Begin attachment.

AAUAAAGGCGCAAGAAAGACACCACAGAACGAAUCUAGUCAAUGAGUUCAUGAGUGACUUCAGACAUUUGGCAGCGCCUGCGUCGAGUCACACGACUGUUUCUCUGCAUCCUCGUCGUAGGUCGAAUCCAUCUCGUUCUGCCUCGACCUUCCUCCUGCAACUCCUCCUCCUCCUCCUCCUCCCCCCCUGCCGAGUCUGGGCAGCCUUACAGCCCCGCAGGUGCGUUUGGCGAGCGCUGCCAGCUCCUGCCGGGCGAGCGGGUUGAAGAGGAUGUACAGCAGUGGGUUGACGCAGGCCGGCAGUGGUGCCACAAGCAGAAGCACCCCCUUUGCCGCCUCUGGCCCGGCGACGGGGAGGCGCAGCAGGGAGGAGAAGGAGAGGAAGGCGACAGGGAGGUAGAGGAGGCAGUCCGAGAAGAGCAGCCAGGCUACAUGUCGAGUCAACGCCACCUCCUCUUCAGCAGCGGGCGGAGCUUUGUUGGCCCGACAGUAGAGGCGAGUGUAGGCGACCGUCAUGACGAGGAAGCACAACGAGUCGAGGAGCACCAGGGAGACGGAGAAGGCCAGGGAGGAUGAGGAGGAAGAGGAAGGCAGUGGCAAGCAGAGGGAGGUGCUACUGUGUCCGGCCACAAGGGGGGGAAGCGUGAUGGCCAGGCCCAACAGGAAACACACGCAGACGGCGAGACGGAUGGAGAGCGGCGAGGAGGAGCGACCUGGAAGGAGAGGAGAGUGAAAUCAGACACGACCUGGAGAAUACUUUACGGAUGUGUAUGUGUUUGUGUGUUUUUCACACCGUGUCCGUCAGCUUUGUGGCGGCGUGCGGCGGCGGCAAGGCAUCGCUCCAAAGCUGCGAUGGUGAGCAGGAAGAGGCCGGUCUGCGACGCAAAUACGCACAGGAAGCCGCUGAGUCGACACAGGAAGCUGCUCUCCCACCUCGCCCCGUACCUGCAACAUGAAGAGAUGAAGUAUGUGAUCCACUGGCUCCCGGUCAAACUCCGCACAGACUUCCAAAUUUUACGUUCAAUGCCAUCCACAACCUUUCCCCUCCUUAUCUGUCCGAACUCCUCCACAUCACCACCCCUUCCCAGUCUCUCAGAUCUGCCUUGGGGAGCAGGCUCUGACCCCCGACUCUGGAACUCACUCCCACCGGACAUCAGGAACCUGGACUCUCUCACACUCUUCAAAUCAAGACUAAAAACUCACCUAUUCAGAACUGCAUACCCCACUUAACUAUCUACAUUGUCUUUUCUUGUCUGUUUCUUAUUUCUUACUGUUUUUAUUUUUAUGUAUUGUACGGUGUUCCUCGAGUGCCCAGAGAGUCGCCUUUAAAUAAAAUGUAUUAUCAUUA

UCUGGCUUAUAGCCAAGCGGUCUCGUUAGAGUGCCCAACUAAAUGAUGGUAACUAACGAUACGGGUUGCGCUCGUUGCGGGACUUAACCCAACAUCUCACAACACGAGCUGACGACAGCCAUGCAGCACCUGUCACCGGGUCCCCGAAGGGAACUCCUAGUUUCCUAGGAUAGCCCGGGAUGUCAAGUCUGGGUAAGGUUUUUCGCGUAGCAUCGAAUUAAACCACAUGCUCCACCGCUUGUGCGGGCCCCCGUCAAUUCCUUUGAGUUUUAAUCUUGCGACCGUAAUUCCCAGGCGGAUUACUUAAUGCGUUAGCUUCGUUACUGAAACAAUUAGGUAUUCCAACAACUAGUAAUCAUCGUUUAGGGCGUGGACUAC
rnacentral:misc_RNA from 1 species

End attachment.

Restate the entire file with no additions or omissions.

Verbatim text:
AAUAAAGGCGCAAGAAAGACACCACAGAACGAAUCUAGUCAAUGAGUUCAUGAGUGACUUCAGACAUUUGGCAGCGCCUGCGUCGAGUCACACGACUGUUUCUCUGCAUCCUCGUCGUAGGUCGAAUCCAUCUCGUUCUGCCUCGACCUUCCUCCUGCAACUCCUCCUCCUCCUCCUCCUCCCCCCCUGCCGAGUCUGGGCAGCCUUACAGCCCCGCAGGUGCGUUUGGCGAGCGCUGCCAGCUCCUGCCGGGCGAGCGGGUUGAAGAGGAUGUACAGCAGUGGGUUGACGCAGGCCGGCAGUGGUGCCACAAGCAGAAGCACCCCCUUUGCCGCCUCUGGCCCGGCGACGGGGAGGCGCAGCAGGGAGGAGAAGGAGAGGAAGGCGACAGGGAGGUAGAGGAGGCAGUCCGAGAAGAGCAGCCAGGCUACAUGUCGAGUCAACGCCACCUCCUCUUCAGCAGCGGGCGGAGCUUUGUUGGCCCGACAGUAGAGGCGAGUGUAGGCGACCGUCAUGACGAGGAAGCACAACGAGUCGAGGAGCACCAGGGAGACGGAGAAGGCCAGGGAGGAUGAGGAGGAAGAGGAAGGCAGUGGCAAGCAGAGGGAGGUGCUACUGUGUCCGGCCACAAGGGGGGGAAGCGUGAUGGCCAGGCCCAACAGGAAACACACGCAGACGGCGAGACGGAUGGAGAGCGGCGAGGAGGAGCGACCUGGAAGGAGAGGAGAGUGAAAUCAGACACGACCUGGAGAAUACUUUACGGAUGUGUAUGUGUUUGUGUGUUUUUCACACCGUGUCCGUCAGCUUUGUGGCGGCGUGCGGCGGCGGCAAGGCAUCGCUCCAAAGCUGCGAUGGUGAGCAGGAAGAGGCCGGUCUGCGACGCAAAUACGCACAGGAAGCCGCUGAGUCGACACAGGAAGCUGCUCUCCCACCUCGCCCCGUACCUGCAACAUGAAGAGAUGAAGUAUGUGAUCCACUGGCUCCCGGUCAAACUCCGCACAGACUUCCAAAUUUUACGUUCAAUGCCAUCCACAACCUUUCCCCUCCUUAUCUGUCCGAACUCCUCCACAUCACCACCCCUUCCCAGUCUCUCAGAUCUGCCUUGGGGAGCAGGCUCUGACCCCCGACUCUGGAACUCACUCCCACCGGACAUCAGGAACCUGGACUCUCUCACACUCUUCAAAUCAAGACUAAAAACUCACCUAUUCAGAACUGCAUACCCCACUUAACUAUCUACAUUGUCUUUUCUUGUCUGUUUCUUAUUUCUUACUGUUUUUAUUUUUAUGUAUUGUACGGUGUUCCUCGAGUGCCCAGAGAGUCGCCUUUAAAUAAAAUGUAUUAUCAUUA

UCUGGCUUAUAGCCAAGCGGUCUCGUUAGAGUGCCCAACUAAAUGAUGGUAACUAACGAUACGGGUUGCGCUCGUUGCGGGACUUAACCCAACAUCUCACAACACGAGCUGACGACAGCCAUGCAGCACCUGUCACCGGGUCCCCGAAGGGAACUCCUAGUUUCCUAGGAUAGCCCGGGAUGUCAAGUCUGGGUAAGGUUUUUCGCGUAGCAUCGAAUUAAACCACAUGCUCCACCGCUUGUGCGGGCCCCCGUCAAUUCCUUUGAGUUUUAAUCUUGCGACCGUAAUUCCCAGGCGGAUUACUUAAUGCGUUAGCUUCGUUACUGAAACAAUUAGGUAUUCCAACAACUAGUAAUCAUCGUUUAGGGCGUGGACUAC
rnacentral:misc_RNA from 1 species